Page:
I also learned a bunch of stuff about laser kits from Jon Cagle, and a bunch
about the St. Louis RPM meet from John Golden. I also had a quick look at the
war-emergency box cars from IM (I'm not really qualified to review them).
There were lots of good folks to talk to, and lots of good stuff to learn.

I will look forward to comments from other attendees to see what they thought
of Prototype Rails 2009.

Regards,

-Jeff







------------------------------------

Yahoo! Groups Links








[Non-text portions of this message have been removed]


Prototype Rails 2009 -- my opinions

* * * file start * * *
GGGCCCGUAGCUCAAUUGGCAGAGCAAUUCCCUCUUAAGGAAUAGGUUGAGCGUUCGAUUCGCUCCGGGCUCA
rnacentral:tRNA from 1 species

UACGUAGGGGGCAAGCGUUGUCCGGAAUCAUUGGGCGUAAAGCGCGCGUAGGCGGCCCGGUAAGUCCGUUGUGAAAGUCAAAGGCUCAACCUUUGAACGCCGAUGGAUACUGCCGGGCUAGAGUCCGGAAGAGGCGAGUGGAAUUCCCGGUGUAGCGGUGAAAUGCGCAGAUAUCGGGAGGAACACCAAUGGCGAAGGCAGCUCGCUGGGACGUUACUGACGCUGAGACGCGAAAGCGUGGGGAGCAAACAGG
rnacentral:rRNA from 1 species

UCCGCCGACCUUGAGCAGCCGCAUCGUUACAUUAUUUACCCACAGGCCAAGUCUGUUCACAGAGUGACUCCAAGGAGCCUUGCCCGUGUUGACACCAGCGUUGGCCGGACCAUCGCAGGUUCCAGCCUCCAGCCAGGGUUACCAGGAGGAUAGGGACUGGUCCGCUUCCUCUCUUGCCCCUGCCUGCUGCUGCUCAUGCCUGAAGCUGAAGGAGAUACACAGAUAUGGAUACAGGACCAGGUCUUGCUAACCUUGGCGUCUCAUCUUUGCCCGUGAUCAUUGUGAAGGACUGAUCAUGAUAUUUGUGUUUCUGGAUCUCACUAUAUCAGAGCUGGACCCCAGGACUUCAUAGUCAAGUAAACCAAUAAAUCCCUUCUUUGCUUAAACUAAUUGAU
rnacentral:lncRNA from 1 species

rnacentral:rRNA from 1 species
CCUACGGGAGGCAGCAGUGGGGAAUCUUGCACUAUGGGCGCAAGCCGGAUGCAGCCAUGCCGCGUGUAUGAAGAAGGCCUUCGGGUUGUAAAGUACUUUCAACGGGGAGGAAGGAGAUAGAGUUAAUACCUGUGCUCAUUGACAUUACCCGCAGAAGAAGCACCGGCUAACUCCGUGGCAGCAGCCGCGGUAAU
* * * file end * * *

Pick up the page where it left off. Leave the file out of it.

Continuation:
Aley, Jeff A
 

Prototype Rails 2009, in Cocoa Beach, FL, was a good meeting. I am the Clinic Chairman, and here are my biased comments.

As usual, it was a lot of work and a lot of fun. Attendance was pretty good; we had 241 folks show up, down slightly from last year's ~275. Considering the state of the economy, I think this is pretty good.

I attended a few clinics when I wasn't running around keeping things on track. Here are my impressions:

Greg Komar did a clinic on model photography. I learned a lot about lighting. Greg showed how much more realistic a model photo can be if you give it strong light that casts sharp, dark shadows, instead of that uniform gray light we all get from our fluorescent tubes. If you want to show off your underbody detailing, go for the uniform "high overcast" lighting. But if you want a photo that looks like a prototype photo, go with a bright point-source light to simulate the sun. He also demonstrated Helicon Focus, and after seeing it in person, I'm sold on it!